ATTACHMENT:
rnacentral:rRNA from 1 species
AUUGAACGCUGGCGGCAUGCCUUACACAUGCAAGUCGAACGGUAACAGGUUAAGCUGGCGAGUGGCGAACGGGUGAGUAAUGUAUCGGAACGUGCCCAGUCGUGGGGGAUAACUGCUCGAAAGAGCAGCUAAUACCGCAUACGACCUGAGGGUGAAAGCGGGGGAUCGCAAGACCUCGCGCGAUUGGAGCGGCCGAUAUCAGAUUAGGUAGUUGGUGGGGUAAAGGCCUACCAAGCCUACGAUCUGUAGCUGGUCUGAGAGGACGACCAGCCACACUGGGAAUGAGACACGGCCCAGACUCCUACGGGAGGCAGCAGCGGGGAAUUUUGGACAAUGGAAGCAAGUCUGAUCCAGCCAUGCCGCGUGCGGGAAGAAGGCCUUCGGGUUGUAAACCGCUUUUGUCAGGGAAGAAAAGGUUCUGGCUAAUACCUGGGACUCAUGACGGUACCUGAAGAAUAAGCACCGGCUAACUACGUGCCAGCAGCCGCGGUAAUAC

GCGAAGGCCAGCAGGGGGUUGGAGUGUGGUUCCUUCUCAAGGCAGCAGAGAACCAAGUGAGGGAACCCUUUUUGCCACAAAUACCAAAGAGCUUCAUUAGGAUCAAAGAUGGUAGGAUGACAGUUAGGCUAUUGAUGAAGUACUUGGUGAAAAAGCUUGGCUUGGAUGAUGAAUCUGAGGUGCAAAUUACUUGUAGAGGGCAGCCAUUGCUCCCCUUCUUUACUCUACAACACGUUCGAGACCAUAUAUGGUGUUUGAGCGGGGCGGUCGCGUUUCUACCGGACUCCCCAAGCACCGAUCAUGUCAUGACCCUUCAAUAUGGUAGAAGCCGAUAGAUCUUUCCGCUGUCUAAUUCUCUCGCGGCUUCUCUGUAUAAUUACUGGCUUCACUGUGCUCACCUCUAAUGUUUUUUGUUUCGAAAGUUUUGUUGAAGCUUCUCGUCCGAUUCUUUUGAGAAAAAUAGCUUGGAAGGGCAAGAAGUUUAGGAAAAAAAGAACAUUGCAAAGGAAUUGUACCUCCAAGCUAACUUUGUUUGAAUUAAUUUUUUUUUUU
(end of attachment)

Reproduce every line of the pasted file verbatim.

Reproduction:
rnacentral:rRNA from 1 species
AUUGAACGCUGGCGGCAUGCCUUACACAUGCAAGUCGAACGGUAACAGGUUAAGCUGGCGAGUGGCGAACGGGUGAGUAAUGUAUCGGAACGUGCCCAGUCGUGGGGGAUAACUGCUCGAAAGAGCAGCUAAUACCGCAUACGACCUGAGGGUGAAAGCGGGGGAUCGCAAGACCUCGCGCGAUUGGAGCGGCCGAUAUCAGAUUAGGUAGUUGGUGGGGUAAAGGCCUACCAAGCCUACGAUCUGUAGCUGGUCUGAGAGGACGACCAGCCACACUGGGAAUGAGACACGGCCCAGACUCCUACGGGAGGCAGCAGCGGGGAAUUUUGGACAAUGGAAGCAAGUCUGAUCCAGCCAUGCCGCGUGCGGGAAGAAGGCCUUCGGGUUGUAAACCGCUUUUGUCAGGGAAGAAAAGGUUCUGGCUAAUACCUGGGACUCAUGACGGUACCUGAAGAAUAAGCACCGGCUAACUACGUGCCAGCAGCCGCGGUAAUAC

GCGAAGGCCAGCAGGGGGUUGGAGUGUGGUUCCUUCUCAAGGCAGCAGAGAACCAAGUGAGGGAACCCUUUUUGCCACAAAUACCAAAGAGCUUCAUUAGGAUCAAAGAUGGUAGGAUGACAGUUAGGCUAUUGAUGAAGUACUUGGUGAAAAAGCUUGGCUUGGAUGAUGAAUCUGAGGUGCAAAUUACUUGUAGAGGGCAGCCAUUGCUCCCCUUCUUUACUCUACAACACGUUCGAGACCAUAUAUGGUGUUUGAGCGGGGCGGUCGCGUUUCUACCGGACUCCCCAAGCACCGAUCAUGUCAUGACCCUUCAAUAUGGUAGAAGCCGAUAGAUCUUUCCGCUGUCUAAUUCUCUCGCGGCUUCUCUGUAUAAUUACUGGCUUCACUGUGCUCACCUCUAAUGUUUUUUGUUUCGAAAGUUUUGUUGAAGCUUCUCGUCCGAUUCUUUUGAGAAAAAUAGCUUGGAAGGGCAAGAAGUUUAGGAAAAAAAGAACAUUGCAAAGGAAUUGUACCUCCAAGCUAACUUUGUUUGAAUUAAUUUUUUUUUUU